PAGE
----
Picking up where we left off, we'll take a look at the children's water play area:
Its a solid facility, motion activated, I think, either that or push button. This splash pad design only runs when kids want it to. It was actually quite busy w/2 families making use of it when I toured, I waited for an opening so as not to infringe on privacy.
To the north, there are some picnic tables, and then this:
The idea, the signage indicates, is a Butterly Garden. I find this one really odd. I've never seen a design for one based on top of a concrete pad. I wonder if this had been done to be something else and this was a change of plan....hmm?
Regardless, I'm fine with the idea, but evidence suggests it is not being actively maintained at this point.
Several of the planters look like this:
There was one really nice planter:
The white flowers at the front are the native Canada Anemone; and the short pink ones at the back are also native, Wild Geranium. The purple ones appear to be a non-native, European Columbine. I don't know why you wouldn't finish the thought by using the native one instead. Though they are pretty.
Moving north east, we see the park path, the only park path, winds its way out to Millwood, mid-block:
Its asphalt, its in ok'ish shape, odd that the path has no seats beside it, but the only thing that I want to nitpick is the entrance itself...
My usual complaints, no signage, no seats, no entry landscpaing. That said, it functions, and at least you can see into the park and make out the direction of the playground. But I still find it really odd they place an entrance mid-block while failing to have entrances near the corners or other spots where point of entry is, and was more likely.
At the north-eastern portion of the park we find a very large tennis court complex with six courts.
The courts themselves were in good condition and all were in use as I passed by, can't ask for much better, except maybe fixing the rusty fencing....but I'm being fussy now....
South of the tennis courts is a baseball diamond; this is listed as a class A facility (meaning pretty top notch), the City's only higher level of rating is 'premier' which would be a stadium in the case of baseball.
The diamond was in-use, the facility (turf, diamond, lights) all seemed in good condition, but the fence is beginning to rust.
Bonus points for the City Parks staffer who thought to put a drinking fountain next to where to where people are playing sports; - 2 points for the fact there is no pathway to it and it would not be considered accessible for anyone with a mobility aid for that reason (who might be watching their grand kid play, for instance)
Between the diamond and the children's play facilities is a open space and picnic area respectively, with a washroom complex anchoring the south-central portion of the park:
The above has a lot of exposed soil, partly a function of heavy shade and not completely avoidable, though a clear pathway would reduce trampling, and planting some shade-friendly native plants in pockets might be preferable to sun-loving grass.
The washrooms can be seen here at the south end of the open space, there has been extensive damage here to the turf. I'm not sure why. I examined aerial photos from the last several years and see the condition getting steadily worse.
Perhaps @Johnny Au
or another local could contribute insight. Suffice to say, I think the damage should be repaired or the space set up for an alternative use.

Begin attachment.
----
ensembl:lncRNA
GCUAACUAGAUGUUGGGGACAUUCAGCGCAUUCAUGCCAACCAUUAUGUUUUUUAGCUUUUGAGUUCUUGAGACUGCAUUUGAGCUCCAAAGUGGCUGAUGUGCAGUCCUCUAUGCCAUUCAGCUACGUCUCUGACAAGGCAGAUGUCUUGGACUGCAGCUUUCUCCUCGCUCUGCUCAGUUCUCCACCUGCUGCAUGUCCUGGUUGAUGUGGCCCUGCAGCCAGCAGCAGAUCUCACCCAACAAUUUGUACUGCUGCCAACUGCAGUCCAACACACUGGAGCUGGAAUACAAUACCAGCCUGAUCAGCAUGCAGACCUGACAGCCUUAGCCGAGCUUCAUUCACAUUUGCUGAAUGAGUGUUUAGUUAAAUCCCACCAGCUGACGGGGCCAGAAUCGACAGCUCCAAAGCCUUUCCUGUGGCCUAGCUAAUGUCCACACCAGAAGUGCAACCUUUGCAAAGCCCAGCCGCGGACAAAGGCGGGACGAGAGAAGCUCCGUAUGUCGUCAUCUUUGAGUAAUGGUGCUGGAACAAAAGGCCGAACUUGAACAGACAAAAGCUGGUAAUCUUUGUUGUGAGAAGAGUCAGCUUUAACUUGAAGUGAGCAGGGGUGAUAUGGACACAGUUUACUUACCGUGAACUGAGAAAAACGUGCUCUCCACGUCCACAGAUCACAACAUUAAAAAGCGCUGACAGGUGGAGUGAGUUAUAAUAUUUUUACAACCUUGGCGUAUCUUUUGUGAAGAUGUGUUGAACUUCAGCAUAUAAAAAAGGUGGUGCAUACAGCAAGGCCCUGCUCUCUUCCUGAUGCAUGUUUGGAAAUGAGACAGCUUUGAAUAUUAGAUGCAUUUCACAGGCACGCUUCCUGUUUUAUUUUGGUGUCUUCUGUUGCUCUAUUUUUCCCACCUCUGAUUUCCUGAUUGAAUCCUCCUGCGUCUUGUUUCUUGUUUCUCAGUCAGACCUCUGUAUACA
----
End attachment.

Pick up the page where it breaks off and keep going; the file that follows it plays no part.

The Washrooms were broadly in good condition and showed some quality of design. However, the sinks appear to be original and the lighting is on its last legs, despite fresh paint, the washrooms would benefit from a refurb.
Adjacent to, and south-east from the washroom entrance, we another 'desire line' point of entry to the park. A formal pathway from this area into the park does not currently exist, one should be introduced.
That wraps our tour of the park, so I'll offer an overall commentary and my thoughts on needed investments.
The park is very popular and that speaks well of it, the playground and music garden and excellent facilities though they are aging and will need some maintenance sooner than later.
The Butterfly garden should probably be re-thought, it seemed poorly maintained over all, and frankly a tad peculiar. I think it might make sense to put it in-ground, in full sun, near the washroom with 100% native plants that can largely self-maintain, if the amenity were retained.
The sports facilities are mostly in good condition, but their fencing is aging and requires replacement, the washroom building like wise needs new lighting and plumbing fixtures and if not currently winterized, it might make sense to do that at the same time.
Comprehensive replacement of park benches with a uniform style would be nice, some turf maintenance, total replacement of pathways and lighting is not required at this time, based on their condition, but there is certainly room for more attractive materials and fixtures.
Finally, the pathway system clearly needs to be added to/improved in at least three locations to address desire lines and to make one drinking fountain accessible.
In the context of an under-invested in park system in need of lots of work, this park can't be top-of-the-list, but in the context of a properly funded department, there is some work in need of doing.
Edit to add:
Back-of-the-envelope costing for investments:
Washroom refurb $100,000-$500,000 (depending on whether one winterizes)
Pathways $150,000 - $2,000,000 (basic add-ons vs total reconstruction with better material)
Turf Maintenance $15,000-$30,000
Sports facilities new fencing. $25,000-$75,000 (depends on whether post replacement is required)
Relocate Butterfly Garden - $20,000
Minor Landscaping enhancements/new signage - $30,000
Total $340,000 - ~ $2,700,000